Syndale Valley Walk
- Credit: Archant
Set in the Kent Downs Area of Outstanding Natural Beauty, explore the land where Pimms was born, where a 2,000 year old yew tree stands and sample some of Kent’s best produce along the way, on this truly foodie walk.
Location: Newham – ME9 0LL
Distance: 11 miles (17.7 km)
Time: 4.5 hours
OS Explorer Map: 149
Terrain: Country lanes and woodland tracks.
Among the unspoilt and picturesque scenery, the Syndale Valley’s farming, food and rural traditions are the cornerstones of community life. Running through the mid Kent Downs the chalk valley remains one of the few timeless landscapes in this busy corner of Kent.
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Not without its own share of historic highlights and notoriety, your walk begins in the ancient settlement of Newnham, occupied since at least the 12th century. James Pimm – creator of one of Britain’s best-loved summer drinks Pimms, was born here. The Revd. Granville Wheler proved the existence of electric current in 1725 at Otterden Place – just one of the grand homes that pepper your path as you make your way through ancient woods, working farmland and historic grazing pastures.
Many of the woods on your route are still hunted by wildfowlers who sell their game to local butchers and restaurants, while others support the rural craft of coppicing - common in this area.
Traditional coppicing of sweet chestnut shoots for fence stakes extends the life of the trees and floods the woodland floor with light in spring and summer, promoting an abundance of flowers and food for wildlife. As you pass back into sweeping open fields you may see kestrels and other birds of prey.
The village of Eastling then comes into view. Its pub, renowned for serving local produce and a centre for village life, used to host celebrations at the end of another ancient tradition, the St Andrew’s Day squirrel hunt. You will also pass the village church of St Mary’s with its massive yew tree, not only older than the church, but older than Christianity itself, having lived for more than 2,000 years.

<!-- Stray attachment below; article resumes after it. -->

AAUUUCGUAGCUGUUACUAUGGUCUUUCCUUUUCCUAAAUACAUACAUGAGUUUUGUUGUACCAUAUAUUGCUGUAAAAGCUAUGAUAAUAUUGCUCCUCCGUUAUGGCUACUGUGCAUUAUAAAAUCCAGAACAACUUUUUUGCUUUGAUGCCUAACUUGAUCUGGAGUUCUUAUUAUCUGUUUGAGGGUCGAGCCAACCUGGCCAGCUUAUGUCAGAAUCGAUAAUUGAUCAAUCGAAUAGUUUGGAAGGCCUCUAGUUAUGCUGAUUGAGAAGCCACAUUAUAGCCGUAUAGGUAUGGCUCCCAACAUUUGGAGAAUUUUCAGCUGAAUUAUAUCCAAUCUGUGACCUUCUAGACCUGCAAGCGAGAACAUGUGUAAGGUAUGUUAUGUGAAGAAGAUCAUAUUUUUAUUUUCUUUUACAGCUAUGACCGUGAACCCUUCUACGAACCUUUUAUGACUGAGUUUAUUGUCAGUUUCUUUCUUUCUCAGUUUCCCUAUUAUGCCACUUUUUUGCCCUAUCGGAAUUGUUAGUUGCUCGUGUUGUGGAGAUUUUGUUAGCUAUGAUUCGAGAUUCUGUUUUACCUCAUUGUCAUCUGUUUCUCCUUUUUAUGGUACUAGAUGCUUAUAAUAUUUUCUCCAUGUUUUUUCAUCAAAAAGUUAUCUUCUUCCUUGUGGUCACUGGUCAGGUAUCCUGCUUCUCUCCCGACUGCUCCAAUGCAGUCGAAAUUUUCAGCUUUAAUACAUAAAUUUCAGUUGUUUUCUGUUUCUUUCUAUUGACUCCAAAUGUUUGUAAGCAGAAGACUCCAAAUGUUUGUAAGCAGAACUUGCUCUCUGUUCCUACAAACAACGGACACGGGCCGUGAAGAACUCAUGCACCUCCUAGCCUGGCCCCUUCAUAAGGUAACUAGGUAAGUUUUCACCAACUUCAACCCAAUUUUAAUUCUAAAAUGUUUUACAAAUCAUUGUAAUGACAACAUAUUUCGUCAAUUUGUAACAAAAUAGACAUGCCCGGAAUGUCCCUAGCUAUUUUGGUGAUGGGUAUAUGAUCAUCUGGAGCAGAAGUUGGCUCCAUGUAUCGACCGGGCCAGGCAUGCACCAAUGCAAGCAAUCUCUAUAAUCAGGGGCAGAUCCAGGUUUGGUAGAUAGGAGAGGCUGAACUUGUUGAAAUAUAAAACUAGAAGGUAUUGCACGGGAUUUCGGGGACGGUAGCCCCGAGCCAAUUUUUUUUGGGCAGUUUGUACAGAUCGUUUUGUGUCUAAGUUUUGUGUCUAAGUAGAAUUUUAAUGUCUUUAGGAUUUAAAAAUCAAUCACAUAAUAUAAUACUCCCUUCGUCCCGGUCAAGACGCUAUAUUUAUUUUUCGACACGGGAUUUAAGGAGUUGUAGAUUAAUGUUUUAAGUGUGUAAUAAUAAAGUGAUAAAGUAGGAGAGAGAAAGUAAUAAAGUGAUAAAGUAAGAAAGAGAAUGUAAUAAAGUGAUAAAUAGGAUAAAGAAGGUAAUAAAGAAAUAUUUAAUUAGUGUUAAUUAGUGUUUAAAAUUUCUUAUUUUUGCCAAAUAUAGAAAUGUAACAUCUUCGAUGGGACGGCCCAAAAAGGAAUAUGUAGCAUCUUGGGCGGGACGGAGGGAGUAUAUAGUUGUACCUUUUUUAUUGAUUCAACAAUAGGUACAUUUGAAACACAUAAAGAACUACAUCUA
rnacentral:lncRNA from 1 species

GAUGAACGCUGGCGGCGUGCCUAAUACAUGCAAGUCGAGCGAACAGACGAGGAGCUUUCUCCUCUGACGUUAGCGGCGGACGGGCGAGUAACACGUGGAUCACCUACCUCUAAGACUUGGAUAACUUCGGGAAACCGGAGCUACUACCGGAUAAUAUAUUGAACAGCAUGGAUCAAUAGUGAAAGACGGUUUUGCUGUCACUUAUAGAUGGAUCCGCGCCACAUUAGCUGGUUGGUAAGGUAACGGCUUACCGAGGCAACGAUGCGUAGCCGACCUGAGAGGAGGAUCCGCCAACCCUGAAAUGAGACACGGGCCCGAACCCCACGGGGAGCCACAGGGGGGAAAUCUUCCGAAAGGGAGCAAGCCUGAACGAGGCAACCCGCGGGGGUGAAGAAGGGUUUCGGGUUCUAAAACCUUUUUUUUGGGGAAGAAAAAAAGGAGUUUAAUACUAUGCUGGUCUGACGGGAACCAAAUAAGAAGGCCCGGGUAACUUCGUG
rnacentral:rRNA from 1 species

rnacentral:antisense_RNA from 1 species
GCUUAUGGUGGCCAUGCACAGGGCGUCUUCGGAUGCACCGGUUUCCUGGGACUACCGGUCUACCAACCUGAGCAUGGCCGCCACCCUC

The tower of the medieval church is thought to pre-date the Norman Conquest. The most fertile parts of this area are put to work producing cereals, while many hundreds of acres remain undisturbed woodland – home to badgers, blue jays and other wildlife.
The next stretch of agricultural land brings you to Derbies Court, where the 16th- century manor house is part of a working farm. Then it’s on to Stalisfield Green and its picturesque pub. The Plough is a 15thcentury Wealden Hall house that provides a fantastic place to enjoy food from the area, an open fire in winter and fine views in summer. If you decide to call at Otterden Place, cross the cattle grid and go through the gate next to the clock tower. Otherwise, walk on to Snoad Farm, with its free-range pigs and chicken. The Murrays, who farm here, sell excellent meat reared on the farm. Then make your way into the village of Doddington, where you will find SW Doughty’s, a family butcher renowned for selling excellent local meat. The nearby Chequers Inn has awards for its real ale or you might be tempted to visit the tearoom at Doddington Place Gardens. The fragrant woods at Doddington take you back to Newnham and The George Inn, whose impressive menu extends a hearty welcome to weary walkers.
For more information on this walk and for more great ideas on days out in the great Kentish countryside visit www.explorekent.org